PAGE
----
THE END OF CHEAP FOOD

The Russian bombardment is, first and foremost, a tragedy for the population of Ukraine. But a significant secondary consideration is its adverse consequence for global food supply, and the likely increase in death from starvation in other parts of the world. Russia is the world’s largest exporter of wheat and Ukraine the fifth largest. If president Putin has his way, Ukraine will very soon lose its capacity to export crops. Add in the sharp increase in the cost of fertilisers and fuels, that are major inputs to modern agriculture, the lasting damage to global food supply chains from the pandemic and the potential consequences for food prices are obvious. The global economy is being pounded by a series of negative supply shocks: after the energy price shock comes the food price shock.    

According to data published by the UN Food and Agriculture Organisation (FAO), real commodity food prices (figure 1) have risen to match the record high in 1974. In nominal terms, the price index has also set a record in February 2022, beating the 2010 peak. Commodity food prices take months to influence the food component of the consumer price index, especially in countries where processed foods predominate. CPI data for food and non-alcoholic beverages across OECD countries shows an increase in inflation from 3.5 per cent in August 2021 to 7.5 per cent in January 2022. Turkey (55 per cent), Argentina (50 per cent), and Colombia (20 per cent) lead the table, but food inflation readings in Russia (13 per cent), Lithuania (15 per cent) and Estonia and Latvia (12 per cent) suggest that supply pressures in eastern Europe were already stretched before the invasion of Ukraine.

Geopolitics author Peter Zeihan sums up the devastating impact on Ukraine’s agriculture of the Russian onslaught: “… lost in the burning of Ukraine’s large population centres is Russia’s far more methodical annihilation of Ukraine’s towns and villages. The towns and villages that are the bone and sinew supporting the Ukrainian agricultural sector. Ukraine will not plant crops this spring or summer. The world has lost one of its largest and most reliable sources of wheat (figure 2), sunflower, safflower and barley. Nor will Ukraine return to the ranks of major food suppliers anytime soon. Russia’s wave of deliberate destruction will soon reach the port city of Odesa. Not only is Odesa Ukraine’s commercial capital, not only will its fall signal an end to Ukraine’s maritime frontage, but Odesa is also the export point for nearly all of Ukraine’s agricultural bounty. Until it is freed from Russian control and rebuilt, large-scale Ukrainian exports will remain beyond reach”.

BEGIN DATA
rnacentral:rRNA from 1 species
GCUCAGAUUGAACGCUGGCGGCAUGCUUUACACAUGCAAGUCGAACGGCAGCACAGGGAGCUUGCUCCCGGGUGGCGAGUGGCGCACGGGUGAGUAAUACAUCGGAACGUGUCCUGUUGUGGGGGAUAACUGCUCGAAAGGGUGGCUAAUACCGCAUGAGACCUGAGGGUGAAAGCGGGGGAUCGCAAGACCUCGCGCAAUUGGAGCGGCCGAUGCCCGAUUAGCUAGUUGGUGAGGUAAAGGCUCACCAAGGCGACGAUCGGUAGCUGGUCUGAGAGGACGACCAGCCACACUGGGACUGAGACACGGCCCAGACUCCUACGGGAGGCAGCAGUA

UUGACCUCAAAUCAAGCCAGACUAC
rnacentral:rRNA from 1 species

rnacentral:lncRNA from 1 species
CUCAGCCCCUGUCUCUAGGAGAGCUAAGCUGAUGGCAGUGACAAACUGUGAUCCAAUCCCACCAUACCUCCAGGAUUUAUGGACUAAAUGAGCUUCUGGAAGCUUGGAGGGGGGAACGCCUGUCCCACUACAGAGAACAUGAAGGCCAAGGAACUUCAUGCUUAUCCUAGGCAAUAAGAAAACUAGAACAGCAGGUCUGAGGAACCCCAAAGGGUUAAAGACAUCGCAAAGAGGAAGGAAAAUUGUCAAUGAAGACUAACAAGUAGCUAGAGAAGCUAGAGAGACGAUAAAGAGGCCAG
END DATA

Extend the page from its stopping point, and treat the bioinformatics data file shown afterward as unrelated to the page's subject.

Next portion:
Beyond Ukraine, Zeihan argues that we have been “babystepping” to a collapse of agricultural supply chains for over a decade.  “In 2022, we will experience breakdowns in the supply systems that make industrialised agriculture impossible, and not just in Africa. The Middle East and East Asia also face a catastrophic unwinding of the input streams that keep regional populations alive, while major agricultural producers like Australia and Brazil will face challenges far beyond their system tolerances. The result is the same in all of them: lower yields. And lower yields mean famine.” The structural damage to supply chains from the pandemic does not begin and end with semiconductors. Fixing global food supply chains when countries are increasingly worried about domestic food security will take considerable time, effort and goodwill. Inflation is here to stay.  

Figure 1

Figure 2

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